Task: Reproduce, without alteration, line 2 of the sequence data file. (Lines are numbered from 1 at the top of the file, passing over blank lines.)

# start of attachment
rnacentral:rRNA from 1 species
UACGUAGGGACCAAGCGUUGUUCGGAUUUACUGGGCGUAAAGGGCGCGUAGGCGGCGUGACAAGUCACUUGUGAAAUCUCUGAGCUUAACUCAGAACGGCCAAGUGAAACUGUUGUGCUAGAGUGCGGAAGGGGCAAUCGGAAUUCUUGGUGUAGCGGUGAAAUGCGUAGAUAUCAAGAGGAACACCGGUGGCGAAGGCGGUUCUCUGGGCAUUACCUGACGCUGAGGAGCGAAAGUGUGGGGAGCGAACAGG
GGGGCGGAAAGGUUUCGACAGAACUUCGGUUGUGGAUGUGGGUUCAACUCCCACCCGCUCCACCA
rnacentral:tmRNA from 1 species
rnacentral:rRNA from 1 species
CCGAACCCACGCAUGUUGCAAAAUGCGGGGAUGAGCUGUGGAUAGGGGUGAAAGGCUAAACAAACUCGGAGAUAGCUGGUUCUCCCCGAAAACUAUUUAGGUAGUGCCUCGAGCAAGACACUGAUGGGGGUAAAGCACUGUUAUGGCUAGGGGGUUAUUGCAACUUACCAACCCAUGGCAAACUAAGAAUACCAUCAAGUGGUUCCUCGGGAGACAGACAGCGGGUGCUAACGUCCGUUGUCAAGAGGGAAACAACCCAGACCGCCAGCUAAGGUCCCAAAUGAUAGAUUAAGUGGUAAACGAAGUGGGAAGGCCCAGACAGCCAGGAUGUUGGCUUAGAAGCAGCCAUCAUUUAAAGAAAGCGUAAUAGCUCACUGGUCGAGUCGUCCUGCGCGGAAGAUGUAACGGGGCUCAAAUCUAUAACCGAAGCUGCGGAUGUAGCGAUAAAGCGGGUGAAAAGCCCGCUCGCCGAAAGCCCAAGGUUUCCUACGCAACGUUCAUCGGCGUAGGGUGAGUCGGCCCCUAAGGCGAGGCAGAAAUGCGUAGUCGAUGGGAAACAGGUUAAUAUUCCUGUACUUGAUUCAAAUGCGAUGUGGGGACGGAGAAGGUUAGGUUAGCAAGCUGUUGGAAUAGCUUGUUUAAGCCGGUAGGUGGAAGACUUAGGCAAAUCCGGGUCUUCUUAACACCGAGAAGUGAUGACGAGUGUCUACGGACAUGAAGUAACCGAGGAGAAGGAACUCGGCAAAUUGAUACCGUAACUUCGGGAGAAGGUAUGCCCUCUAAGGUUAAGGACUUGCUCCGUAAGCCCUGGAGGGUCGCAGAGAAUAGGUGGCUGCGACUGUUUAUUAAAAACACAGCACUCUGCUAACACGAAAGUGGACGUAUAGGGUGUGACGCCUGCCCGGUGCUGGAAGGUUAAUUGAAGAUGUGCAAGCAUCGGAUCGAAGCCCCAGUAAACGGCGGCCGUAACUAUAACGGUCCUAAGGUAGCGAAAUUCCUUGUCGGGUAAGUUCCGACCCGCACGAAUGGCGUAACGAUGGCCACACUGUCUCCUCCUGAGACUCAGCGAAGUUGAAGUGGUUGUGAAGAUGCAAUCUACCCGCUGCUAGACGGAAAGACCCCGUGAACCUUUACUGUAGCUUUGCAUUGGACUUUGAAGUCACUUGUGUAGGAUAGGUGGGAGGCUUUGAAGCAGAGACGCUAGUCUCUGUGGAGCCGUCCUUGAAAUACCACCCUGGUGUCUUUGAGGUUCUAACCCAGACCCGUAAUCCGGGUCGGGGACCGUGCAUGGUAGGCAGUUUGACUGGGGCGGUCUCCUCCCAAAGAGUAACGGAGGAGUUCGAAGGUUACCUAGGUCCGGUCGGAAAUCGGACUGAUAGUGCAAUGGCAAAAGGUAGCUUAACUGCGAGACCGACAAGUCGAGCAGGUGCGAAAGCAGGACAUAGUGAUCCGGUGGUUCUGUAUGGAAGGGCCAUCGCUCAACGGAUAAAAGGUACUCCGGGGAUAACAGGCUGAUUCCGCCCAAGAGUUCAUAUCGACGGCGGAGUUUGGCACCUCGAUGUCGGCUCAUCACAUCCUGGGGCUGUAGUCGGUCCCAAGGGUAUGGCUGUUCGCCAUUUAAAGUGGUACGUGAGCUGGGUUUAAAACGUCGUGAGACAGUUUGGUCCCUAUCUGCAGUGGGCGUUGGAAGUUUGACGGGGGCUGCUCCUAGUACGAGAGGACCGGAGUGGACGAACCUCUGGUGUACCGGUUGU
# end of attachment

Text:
UACGUAGGGACCAAGCGUUGUUCGGAUUUACUGGGCGUAAAGGGCGCGUAGGCGGCGUGACAAGUCACUUGUGAAAUCUCUGAGCUUAACUCAGAACGGCCAAGUGAAACUGUUGUGCUAGAGUGCGGAAGGGGCAAUCGGAAUUCUUGGUGUAGCGGUGAAAUGCGUAGAUAUCAAGAGGAACACCGGUGGCGAAGGCGGUUCUCUGGGCAUUACCUGACGCUGAGGAGCGAAAGUGUGGGGAGCGAACAGG